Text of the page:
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Citizens Advice calls for broadband champion to improve services

Six in ten Brits have faced interrupted or slow broadband in the last 12 months, according to Citizens Advice. Almost a quarter of the 4,000 people surveyed for Citizens Advice said internet problems had disrupted their work or study. The report said that, on average, customers spend some 2.4 hours trying to sort out problems with their service.

Broadband champion

Now Citizens Advice is calling on the government to appoint a telecoms consumer advocate to help resolve the widespread issues with internet providers.

The charity hopes that the new position would pressure internet companies and regulators into improving services. “People now rely on their broadband and mobile connection for the day-to-day running of their lives,” said Gillian Guy, chief executive of Citizens Advice. “Yet the majority of people continue to face significant disruptions that can waste their time.”

Citizens Advice calls for broadband champion to improve servicesBroadband wires (Getty)

A government spokesperson admitted that reliable internet was “no longer a ‘nice to have’, but a modern necessity, and we all know how frustrating it is when it doesn’t work”.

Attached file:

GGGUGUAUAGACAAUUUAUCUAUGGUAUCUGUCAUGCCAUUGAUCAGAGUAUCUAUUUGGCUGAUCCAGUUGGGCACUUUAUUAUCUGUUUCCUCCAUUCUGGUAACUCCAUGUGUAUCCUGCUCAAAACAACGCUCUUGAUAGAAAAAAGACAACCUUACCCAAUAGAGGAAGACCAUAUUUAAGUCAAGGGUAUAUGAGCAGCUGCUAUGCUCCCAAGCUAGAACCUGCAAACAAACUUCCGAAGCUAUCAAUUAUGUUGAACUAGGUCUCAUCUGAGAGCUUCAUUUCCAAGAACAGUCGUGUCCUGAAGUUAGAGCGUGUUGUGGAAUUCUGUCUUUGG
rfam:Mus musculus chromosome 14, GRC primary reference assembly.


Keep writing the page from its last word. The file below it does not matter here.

Short of expectations

Which? analysis found that many households across the UK are receiving far slower broadband speeds than promised by their providers.[1]

The faster the anticipated speed of the broadband connection, the lower the actual speed recorded in testing tended to be, research from consumer group found. A separate report from Cable.co.uk claimed the UK is ranked 31st in the world in terms of broadband speeds, behind the majority of Europe, Taiwan and Singapore. The average UK download speed is 16.5Mbps, one third of the 55Mbps average in Singapore, the fastest region in the world.

The report examined 63m speed tests in 189 countries over the course of a year, and ranked Canada, New Zealand and the US above the UK.

Compensation

Ofcom announced last November that households receiving poor service will be entitled to automatic compensation from their provider.

From 2019 they will get GBP8 a day if a fault is not fixed, paid as a refund through their bill.

Providers will also have to pay GBP5 a day if their broadband or landline is not working on the day it was promised.

References

  1. ^ many households across the UK are receiving far slower broadband speeds than promised by their providers. (inews.co.uk)

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